By: Lillian Barry & Nathaniel Baines
On Sept. 21, two Barren County High School teachers, Rosmarie Grice and Steven Metzger, were questioned about how our state’s pension crisis is affecting them. They opened up about how their personal lives are being affected due to the crisis.
Grice is an English teacher of 19 years, being “non-traditional” in the idea that she did not enter the field of teaching directly but instead had several careers beforehand. Metzger is a math teacher of 31 years (traditional) and also has a unique case with the pension issue as his wife is also a math teacher of 31 years. Despite their different situations, the two teachers had much of the same opinions.
Overall, both teachers are greatly affected by the pension issue, as every teacher in Barren County is; but the interview gives a good idea as to how wide and varying the issues from the pension crisis are, and both Grice and Metzger have their own set of problems from it. The issue is not a simple case, nor is it the same case for any of the teachers across Kentucky.
Grice started the conversation strongly, “The state has danced around the whole issue and has not contributed as they should have. The government needs to make good on its promises too. These teachers who are in the system now, in good faith, did their job; now the government, in good faith, needs to do its job.”
This is an often echoed idea by the whole body of teachers, as it was mentioned at the pension meeting held at BCHS Auditorium Sept. 11. When people become teachers, they’re given a set of “promises” that involve what they’ll receive after or throughout their career. A pension was a huge part of that, as it’s the main source of most retired teachers’ incomes. However, with the sudden change that is the removal of the pensions, it shows the government cannot keep to its side of a deal that was made when a teacher began working for the state. Both Grice and Metzger agree.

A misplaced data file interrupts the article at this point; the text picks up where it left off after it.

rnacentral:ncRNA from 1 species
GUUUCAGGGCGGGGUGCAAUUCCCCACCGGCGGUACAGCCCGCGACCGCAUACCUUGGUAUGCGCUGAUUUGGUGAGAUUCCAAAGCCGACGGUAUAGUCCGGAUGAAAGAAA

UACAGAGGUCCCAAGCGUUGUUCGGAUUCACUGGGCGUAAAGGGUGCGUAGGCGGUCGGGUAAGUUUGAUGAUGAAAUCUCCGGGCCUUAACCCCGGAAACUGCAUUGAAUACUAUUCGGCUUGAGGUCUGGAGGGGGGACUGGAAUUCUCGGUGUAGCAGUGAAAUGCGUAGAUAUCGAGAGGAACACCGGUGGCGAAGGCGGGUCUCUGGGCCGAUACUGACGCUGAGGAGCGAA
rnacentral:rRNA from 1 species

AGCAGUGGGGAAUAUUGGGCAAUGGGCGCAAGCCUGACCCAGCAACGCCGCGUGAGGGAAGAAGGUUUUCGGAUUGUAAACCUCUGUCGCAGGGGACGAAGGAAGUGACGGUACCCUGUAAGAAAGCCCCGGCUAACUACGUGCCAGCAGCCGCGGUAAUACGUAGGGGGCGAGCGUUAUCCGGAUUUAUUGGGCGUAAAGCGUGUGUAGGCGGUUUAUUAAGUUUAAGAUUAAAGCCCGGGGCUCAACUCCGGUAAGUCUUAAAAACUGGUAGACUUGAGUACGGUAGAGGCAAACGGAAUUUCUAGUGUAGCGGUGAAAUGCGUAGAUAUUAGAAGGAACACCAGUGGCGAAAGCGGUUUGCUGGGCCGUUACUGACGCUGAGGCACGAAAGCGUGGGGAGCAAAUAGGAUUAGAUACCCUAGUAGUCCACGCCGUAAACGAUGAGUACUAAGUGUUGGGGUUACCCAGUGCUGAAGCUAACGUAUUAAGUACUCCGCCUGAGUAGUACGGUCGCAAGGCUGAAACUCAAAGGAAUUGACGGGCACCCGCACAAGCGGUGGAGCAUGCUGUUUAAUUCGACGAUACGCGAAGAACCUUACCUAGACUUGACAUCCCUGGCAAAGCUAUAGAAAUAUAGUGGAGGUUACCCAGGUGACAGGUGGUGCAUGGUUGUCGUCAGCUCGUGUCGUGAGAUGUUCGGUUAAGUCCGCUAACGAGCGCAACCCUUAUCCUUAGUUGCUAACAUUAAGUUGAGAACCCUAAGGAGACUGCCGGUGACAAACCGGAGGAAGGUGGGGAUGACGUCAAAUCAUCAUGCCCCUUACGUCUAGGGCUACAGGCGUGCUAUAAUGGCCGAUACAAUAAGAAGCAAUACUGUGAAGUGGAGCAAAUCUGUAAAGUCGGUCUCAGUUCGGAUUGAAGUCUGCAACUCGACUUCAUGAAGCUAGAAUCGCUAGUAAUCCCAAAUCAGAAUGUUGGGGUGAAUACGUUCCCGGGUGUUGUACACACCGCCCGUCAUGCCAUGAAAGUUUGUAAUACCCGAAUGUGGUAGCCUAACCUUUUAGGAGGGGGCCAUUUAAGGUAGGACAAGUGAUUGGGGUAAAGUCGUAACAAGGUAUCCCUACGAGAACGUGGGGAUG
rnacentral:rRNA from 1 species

“This affects me for the rest of my life after I retire,” Metzger stated after talking about how he has a limited field he can work in outside of teaching, as this has been his only career his whole life.
Metzger mentioned how he had first started teaching because it was seen as something with unique and promising benefits, one being for the potential to be with his children on holidays more often and another being the retirement plan. He and his wife have been teaching for the same amount of time, making it both their first careers, thus leading to them being even more greatly affected since both of their retirement plans are now potentially gone.
“I’m worried about them getting teachers in the future. My daughter is a second year teacher, and I worry about her. She loves her job, and I worry about her future,” Metzger stated after talking about the repercussions of the pension issue.
Grice summarized what several nontraditional teachers are currently suffering through, “I’m a nontraditional person. I would have to work longer, even when I’m well past the mandatory 55 to get the benefits that Metzger will get when he retires next year. If some of the proposals go through, my retirement could be cut even further than it is already.”
Nontraditional teachers can even suffer from where they paid into social security while not working as a teacher, and when they retire now, they can only possibly get a third of that payment.
Some other benefits from social security cannot be received either, Grice explains:
“When I retire, I cannot get, for instance, my late husband’s widow’s benefits. He worked and taught as a professor at Western for 30 years and payed into a retirement system. But now as a widow, as a teacher, I’m ineligible for those benefits.”
Everybody has ideas as to how this could potentially be fixed, and both of the teachers agreed they were not people that worked with finances, but still were capable of voicing what they believe could be done to reach a resolution. They both said it could be by putting money into the system, increasing taxes, and more – all of these being popular ideas among others as well.
“I don’t know how we got into this mess, but they just need to take care of it,” Metzger finished.
It is definite that people believe this issue could have been avoided with the proper funding plans taken by our government, which could now be reached at the special session that will be called soon; even still there are shaky details as to how teachers have now potentially lost such a benefit to their teaching career. It’s now just the matter of how we are going to fix it, and still keep the end of the deal.